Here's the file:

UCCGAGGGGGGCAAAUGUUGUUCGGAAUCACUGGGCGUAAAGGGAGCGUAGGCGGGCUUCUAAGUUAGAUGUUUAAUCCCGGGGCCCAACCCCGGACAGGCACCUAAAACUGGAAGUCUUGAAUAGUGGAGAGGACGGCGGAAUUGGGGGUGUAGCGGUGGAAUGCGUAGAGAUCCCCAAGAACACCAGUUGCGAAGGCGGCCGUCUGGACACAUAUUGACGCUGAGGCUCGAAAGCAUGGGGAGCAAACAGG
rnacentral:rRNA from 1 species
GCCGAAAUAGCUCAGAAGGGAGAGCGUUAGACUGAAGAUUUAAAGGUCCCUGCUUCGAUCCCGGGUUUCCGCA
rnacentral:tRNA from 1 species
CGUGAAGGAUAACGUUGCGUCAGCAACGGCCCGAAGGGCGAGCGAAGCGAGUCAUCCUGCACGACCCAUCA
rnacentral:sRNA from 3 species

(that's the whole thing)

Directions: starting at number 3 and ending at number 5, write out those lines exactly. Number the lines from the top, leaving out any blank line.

GCCGAAAUAGCUCAGAAGGGAGAGCGUUAGACUGAAGAUUUAAAGGUCCCUGCUUCGAUCCCGGGUUUCCGCA
rnacentral:tRNA from 1 species
CGUGAAGGAUAACGUUGCGUCAGCAACGGCCCGAAGGGCGAGCGAAGCGAGUCAUCCUGCACGACCCAUCA